There are numerous such howlers throughout the film — particularly Top Gun’s obsession with butts — but what’s notable about Scott’s film is that if it fetishizes its characters, it’s not for an audience of gay men. The project was developed by the Navy as a recruitment tool. A decade after Vietnam ended with a whimper, Top Gun was an intended antidote to movies like Oliver Stone’s Platoon, which won Best Picture the same year Maverick conquered the box office. If Platoon argued that war is hell, the combat in Top Gun is almost heavenly. The film’s jingoistic revisionism is right on the label: Maverick’s father was shot down in Vietnam, and the young pilot is recklessly driven to avenge him.
If Top Gun shows its warriors to be handsome, virile, and fearlessly determined to defeat the Russian enemy, critic Mark Simpson called its depiction of manhood “aspirational heterosexuality.” In the 1980s, this was defined by the emergence of the bodybuilder physique, embodied by figures like Arnold Schwarzenegger, Sylvester Stallone, and Dolph Lundgren. But what’s notable about Schwarzenegger and Stallone is that their male form is rarely sexualized for the purpose of the female gaze. Films like Predator, Commando, Over the Top, and Tango and Cash might as well be entirely devoid of women.
When it comes to the period’s treatment of male homosociality, Top Gun was the rule, not the exception. Predator features what might be the most excessively long handshake in cinematic history, in which the bulging biceps of Schwarzenegger and Carl Weathers nearly burst. There’s a moment in Tango and Cash that’s so overtly sexual it’s almost remarkable. Detectives Raymond Tango (Sylvester Stallone) and Gabriel Cash (Kurt Russell) are arrested and thrown in prison, where they are forced to shower together. Cash drops the soap and bends down to pick it up. Tango yells, “What are you doing?” After generously appraising his partner’s package, Tango responds: “Don’t flatter yourself, pee wee.” The problem here isn’t the suggestion that Cash is gay, but that Tango doesn’t measure up.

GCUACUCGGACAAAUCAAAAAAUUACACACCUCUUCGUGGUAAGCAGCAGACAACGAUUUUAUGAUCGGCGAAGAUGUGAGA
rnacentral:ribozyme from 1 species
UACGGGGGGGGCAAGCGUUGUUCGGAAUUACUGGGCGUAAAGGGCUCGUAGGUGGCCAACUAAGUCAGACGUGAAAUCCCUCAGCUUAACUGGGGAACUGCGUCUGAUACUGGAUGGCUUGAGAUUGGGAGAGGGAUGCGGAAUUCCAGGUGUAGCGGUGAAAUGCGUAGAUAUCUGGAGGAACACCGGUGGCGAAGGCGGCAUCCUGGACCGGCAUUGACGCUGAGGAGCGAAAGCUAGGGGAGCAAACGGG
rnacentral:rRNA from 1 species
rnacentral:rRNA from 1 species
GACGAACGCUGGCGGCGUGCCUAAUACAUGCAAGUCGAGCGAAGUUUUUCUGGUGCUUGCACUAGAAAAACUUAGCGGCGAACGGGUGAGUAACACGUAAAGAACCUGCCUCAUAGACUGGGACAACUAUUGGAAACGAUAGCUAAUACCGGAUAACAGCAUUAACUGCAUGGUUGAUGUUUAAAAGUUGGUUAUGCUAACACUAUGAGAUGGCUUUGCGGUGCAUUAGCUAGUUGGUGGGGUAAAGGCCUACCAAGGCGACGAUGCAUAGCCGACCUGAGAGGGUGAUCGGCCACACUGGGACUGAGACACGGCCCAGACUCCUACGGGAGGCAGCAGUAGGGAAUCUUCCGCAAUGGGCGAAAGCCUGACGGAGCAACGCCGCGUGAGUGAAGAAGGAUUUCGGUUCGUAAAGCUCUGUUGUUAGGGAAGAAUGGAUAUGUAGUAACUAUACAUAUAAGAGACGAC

While later films would play incidents like these as opportunities to mock the perception that the characters might be gay, there’s simply no need in a movie like Tango and Cash. That isn’t even considered a possibility. Without that need to qualify their sexualities, they are allowed to gaze upon each others’ bodies — and even enjoy them. Even in the 1991 buddy cop film Showdown in Little Tokyo, Johnny (Brandon Lee) and Chris (Dolph Lundgren) are about to take on a squadron of baddies in a moment that perfectly mirrors Bad Boys II. Before they risk their lives, however, Johnny has a confession: “Kenner, just in case we get killed, I wanted to tell you: You have the biggest dick I’ve ever seen on a man.”
If these were soft-core movies made by straight men, about straight men, and for straight men, it would be incredibly difficult to replicate their success today. Top Gun was one of the last vestiges of masculinity’s age of innocence, where a movie like Rocky III could feature a sequence of Sylvester Stallone and Carl Weathers splashing around in the water and hugging after a strenuous training montage. These movies weren’t progressive, just incredibly obtuse. But three decades after Tony Scott invented the mindless action blockbuster, it appears there may be a virtue in ignorance after all.